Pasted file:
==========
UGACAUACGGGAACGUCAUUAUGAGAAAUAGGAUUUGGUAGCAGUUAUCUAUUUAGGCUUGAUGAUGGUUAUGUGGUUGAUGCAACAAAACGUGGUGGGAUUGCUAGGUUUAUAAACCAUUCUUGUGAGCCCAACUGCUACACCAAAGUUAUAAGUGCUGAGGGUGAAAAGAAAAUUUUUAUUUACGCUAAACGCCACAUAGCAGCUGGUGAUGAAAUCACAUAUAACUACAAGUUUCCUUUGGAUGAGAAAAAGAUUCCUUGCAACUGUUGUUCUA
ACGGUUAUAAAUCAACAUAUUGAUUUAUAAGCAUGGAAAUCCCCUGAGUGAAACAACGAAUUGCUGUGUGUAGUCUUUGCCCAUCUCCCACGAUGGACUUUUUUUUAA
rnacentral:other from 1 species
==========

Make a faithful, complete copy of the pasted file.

UGACAUACGGGAACGUCAUUAUGAGAAAUAGGAUUUGGUAGCAGUUAUCUAUUUAGGCUUGAUGAUGGUUAUGUGGUUGAUGCAACAAAACGUGGUGGGAUUGCUAGGUUUAUAAACCAUUCUUGUGAGCCCAACUGCUACACCAAAGUUAUAAGUGCUGAGGGUGAAAAGAAAAUUUUUAUUUACGCUAAACGCCACAUAGCAGCUGGUGAUGAAAUCACAUAUAACUACAAGUUUCCUUUGGAUGAGAAAAAGAUUCCUUGCAACUGUUGUUCUA
ACGGUUAUAAAUCAACAUAUUGAUUUAUAAGCAUGGAAAUCCCCUGAGUGAAACAACGAAUUGCUGUGUGUAGUCUUUGCCCAUCUCCCACGAUGGACUUUUUUUUAA
rnacentral:other from 1 species